Valproic acid (VPA), is a histone deacetylase (HDAC) inhibitor.
It has found clinical use as an anticonvulsant and mood-stabilizing drug, primarily in the treatment of epilepsy, bipolar disorder and prevention of migraine headaches. VPA is a liquid at room temperature, but it can be reacted with a base such as sodium hydroxide to form the salt sodium valproate, which is a solid.
The acid, salt, or a mixture of the two (valproate semisodium) are marketed under a number of different brand names, including: Depakote, Epilim, Valparin, Valpro, Vilapro and Stavzor. It is on the World Health Organization's List of Essential Medicines, a list of the most important medication needed in a basic health system.
Both valproic acid and levetiracetam are antiepileptic drugs, often used either alone or in combination.
A study compares valproate (VPA) with levetiracetam (LEV) as an intravenous (i.v.) anticonvulsant treatment in intensive care patients suffering from aneurysmal subarachnoid hemorrhage (aSAH) with a high risk of seizures.
A prospective, single-center patient registry of 35 intensive care unit (ICU) patients with onset seizure and/or high risk of seizures underwent an anticonvulsive, first-line single treatment regimen either with VPA or LEV. Plasma concentrations (pc), interactions between drugs in the ICU context, adverse effects and seizure occurrences were observed and recorded.
A significant decrease in the pc in patients treated with LEV was observed after changing from intravenous (160±51μmol/l) to enteral liquid application (113±58μmol/l), corresponding to a 70.3% bioavailability for enteral liquid applications. The pc in VPA patients decreased significantly, from (491±138μmol/l) to (141±50μmol/l), after adding meropenem to the therapy (p<0.05). Three epileptic seizures occurred during anticonvulsive therapy in the LEV group, and two in the VPA group, including one non-convulsive status epilepticus (NCSE).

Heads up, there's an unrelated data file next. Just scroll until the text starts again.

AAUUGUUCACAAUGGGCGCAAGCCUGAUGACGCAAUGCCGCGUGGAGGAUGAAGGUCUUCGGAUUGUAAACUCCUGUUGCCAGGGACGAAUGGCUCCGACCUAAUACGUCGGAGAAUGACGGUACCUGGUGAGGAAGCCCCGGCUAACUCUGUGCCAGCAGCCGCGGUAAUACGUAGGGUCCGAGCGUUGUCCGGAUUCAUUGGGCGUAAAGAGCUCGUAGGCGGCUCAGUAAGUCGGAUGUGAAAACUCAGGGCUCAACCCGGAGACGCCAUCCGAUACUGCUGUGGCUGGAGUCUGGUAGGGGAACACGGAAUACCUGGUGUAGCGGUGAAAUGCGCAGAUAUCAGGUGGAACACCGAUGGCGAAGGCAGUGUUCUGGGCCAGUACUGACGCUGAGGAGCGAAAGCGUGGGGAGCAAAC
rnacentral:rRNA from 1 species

Though this finding needs further verification, the enteral liquid application of levetiracetam seems to be associated with lower bioavailability than the common oral application of levetiracetam. The use of the antibiotic drug meropenem together with valproic acid leads to lower pc levels in patients treated with of valproic acid. For clinical practice, this indicates the need to monitor the levels of valproic acid in combination with meropenem 1).
The neuroprotective effects of VPA have been demonstrated in several models of acute CNS injuries, such as stroke, TBI, and SCI. VPA protects the brain from injury progression via anti-inflammatory, anti-apoptotic, and neurotrophic effects 2).
Valproic acid (VPA) is a commonly used drug for epilepsy, psychiatric disorders and migraine and is frequently used in neurosurgical intensive care units. Though most of its side-effects are mild and transient, certain idiosyncratic side-effects have been attributed to VPA. Valproate induced hyperammonemia (VIH) is one such side-effect 3)
Valproate encephalopathy 4).
Interstitial pneumonitis 5).